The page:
So, please be reassured that if you need support or just somebody to talk to, then there’s definitely someone at the College who can help you.

Working hard in the College library

Oxford’s world-class education is available to all with the academic ability and potential to benefit from it; however, we recognise there is much work to be done to make this a reality for all prospective students in the UK. This is why the University and its Colleges offer an extensive range of outreach programmes aimed at improving the diversity of the University.

The fact is, the vast majority of students (and all tutors) do not care what background you’ve come from. When interviewing prospective students, tutors are primarily interested in your academic potential, not how well you dress or your regional accent. In 2020, Oxford offered more places to state school students than ever before: we want you for your intellect and enthusiasm not your wallet or family name! Moreover, if you get to Oxford you’ll soon realise everyone is here for similar reasons: to explore and excel in their subject, and achieve their degree. You’ll soon discover you have far more in common than that which sets you apart!

Still think you’re not Oxford? Then have a read of this fantastic blog from Jesus College and Seren Network Summer School student, Joe Phelps. Joe attended the 2018 Summer School and is now studying Physics at Jesus.

There are some occasions where you’ll be required to wear academic dress but this is usually only for matriculation – a ceremony in which you officially become a member of the University, exams (although you can take off your gown and tie as soon as you get in the exam hall) and graduation. As at most universities there are also some formal events where you might want to dress a bit ‘fancy’ or smart. Other than that, there are no formal requirements.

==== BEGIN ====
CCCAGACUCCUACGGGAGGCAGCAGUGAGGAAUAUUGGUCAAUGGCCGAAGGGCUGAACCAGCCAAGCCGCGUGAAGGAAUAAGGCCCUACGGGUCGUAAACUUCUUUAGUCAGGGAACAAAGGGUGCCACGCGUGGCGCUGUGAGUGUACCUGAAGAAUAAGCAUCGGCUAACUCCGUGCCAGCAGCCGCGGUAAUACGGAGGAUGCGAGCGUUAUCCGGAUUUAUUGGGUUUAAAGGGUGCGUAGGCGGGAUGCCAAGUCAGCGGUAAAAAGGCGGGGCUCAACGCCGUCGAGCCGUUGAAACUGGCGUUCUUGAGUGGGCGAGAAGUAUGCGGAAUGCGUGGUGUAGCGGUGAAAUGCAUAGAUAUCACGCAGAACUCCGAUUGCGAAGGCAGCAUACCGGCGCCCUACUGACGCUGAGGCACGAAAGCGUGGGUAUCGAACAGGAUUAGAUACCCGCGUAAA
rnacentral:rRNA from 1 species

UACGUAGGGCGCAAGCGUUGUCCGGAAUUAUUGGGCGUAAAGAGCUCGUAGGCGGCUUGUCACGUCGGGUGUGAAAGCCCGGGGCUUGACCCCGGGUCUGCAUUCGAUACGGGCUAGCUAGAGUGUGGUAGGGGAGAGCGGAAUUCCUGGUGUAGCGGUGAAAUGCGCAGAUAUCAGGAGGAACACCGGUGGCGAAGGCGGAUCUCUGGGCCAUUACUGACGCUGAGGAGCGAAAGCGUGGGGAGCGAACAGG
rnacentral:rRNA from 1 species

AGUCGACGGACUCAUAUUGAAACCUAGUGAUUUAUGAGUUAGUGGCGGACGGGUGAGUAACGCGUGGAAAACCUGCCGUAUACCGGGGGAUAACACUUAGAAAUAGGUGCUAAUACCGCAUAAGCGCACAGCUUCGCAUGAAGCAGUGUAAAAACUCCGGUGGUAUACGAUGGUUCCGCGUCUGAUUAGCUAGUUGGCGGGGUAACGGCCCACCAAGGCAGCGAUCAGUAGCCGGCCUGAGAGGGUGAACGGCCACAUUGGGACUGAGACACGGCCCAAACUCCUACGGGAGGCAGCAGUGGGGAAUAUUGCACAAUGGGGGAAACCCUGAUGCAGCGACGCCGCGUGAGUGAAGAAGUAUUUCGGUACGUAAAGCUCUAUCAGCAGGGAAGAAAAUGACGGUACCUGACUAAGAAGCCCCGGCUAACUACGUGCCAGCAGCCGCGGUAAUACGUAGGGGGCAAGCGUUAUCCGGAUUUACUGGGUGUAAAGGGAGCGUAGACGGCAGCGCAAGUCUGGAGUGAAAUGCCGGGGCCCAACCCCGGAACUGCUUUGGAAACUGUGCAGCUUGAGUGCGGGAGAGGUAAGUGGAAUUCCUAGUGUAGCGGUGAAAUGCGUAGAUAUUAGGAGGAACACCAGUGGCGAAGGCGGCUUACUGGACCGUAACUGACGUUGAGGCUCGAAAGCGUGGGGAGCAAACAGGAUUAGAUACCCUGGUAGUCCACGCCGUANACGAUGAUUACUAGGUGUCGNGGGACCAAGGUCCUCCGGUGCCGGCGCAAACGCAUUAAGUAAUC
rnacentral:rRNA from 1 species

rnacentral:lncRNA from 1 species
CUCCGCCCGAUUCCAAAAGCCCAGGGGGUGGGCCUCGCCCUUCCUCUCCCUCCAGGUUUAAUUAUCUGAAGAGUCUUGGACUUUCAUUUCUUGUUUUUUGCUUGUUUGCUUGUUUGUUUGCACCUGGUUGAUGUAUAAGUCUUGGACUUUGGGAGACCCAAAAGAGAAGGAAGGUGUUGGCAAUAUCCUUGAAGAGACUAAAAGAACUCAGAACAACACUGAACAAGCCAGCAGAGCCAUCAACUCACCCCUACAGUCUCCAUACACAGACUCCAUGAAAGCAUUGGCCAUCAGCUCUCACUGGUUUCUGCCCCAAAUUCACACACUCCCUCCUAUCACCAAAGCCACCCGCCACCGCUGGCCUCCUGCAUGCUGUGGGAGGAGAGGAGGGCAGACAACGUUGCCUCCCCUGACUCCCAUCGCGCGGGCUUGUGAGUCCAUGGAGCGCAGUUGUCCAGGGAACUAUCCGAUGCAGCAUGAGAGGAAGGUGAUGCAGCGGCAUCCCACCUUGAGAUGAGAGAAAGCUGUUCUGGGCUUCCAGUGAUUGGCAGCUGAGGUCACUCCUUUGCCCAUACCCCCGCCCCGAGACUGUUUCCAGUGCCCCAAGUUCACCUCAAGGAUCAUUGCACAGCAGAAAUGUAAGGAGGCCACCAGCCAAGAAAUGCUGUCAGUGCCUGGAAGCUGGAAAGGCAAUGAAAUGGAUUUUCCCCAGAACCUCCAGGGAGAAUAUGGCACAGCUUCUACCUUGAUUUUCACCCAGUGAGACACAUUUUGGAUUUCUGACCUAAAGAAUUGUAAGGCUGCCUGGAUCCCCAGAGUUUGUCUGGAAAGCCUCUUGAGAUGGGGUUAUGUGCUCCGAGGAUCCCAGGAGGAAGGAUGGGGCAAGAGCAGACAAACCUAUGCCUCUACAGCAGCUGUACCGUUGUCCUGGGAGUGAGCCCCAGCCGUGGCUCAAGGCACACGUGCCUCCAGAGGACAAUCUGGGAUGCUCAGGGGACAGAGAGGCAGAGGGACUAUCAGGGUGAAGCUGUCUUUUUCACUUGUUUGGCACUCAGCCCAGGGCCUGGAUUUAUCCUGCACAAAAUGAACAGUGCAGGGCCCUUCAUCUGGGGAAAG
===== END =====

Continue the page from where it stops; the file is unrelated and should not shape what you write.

Most Oxford professors and lecturers are friendly, welcoming and approachable. Tutors have a great deal of respect for their students and value their opinion. Don’t forget: they’re human just like the rest of us, and are interested in eliciting the best from you academically and encouraging you to fulfil your potential. They will want to challenge you academically, but only to bring out the best in you!

The interview process is demanding and you may be asked some unusual questions that go beyond your school curriculum. But be assured the process is not designed to trip you up! Our tutors want to assess how you think and how you approach a problem or question that might not be familiar to you. To get the most out of studying at Oxford you need to be able to think critically and independently: that’s what we’re looking for during your interview, not necessarily the ‘right’ answer. Don’t worry if you get the wrong answer or if you make a mistake – that’s completely normal and everybody finds their interviews hard. Don’t be put off by people who claim their interviews were easy or horrible!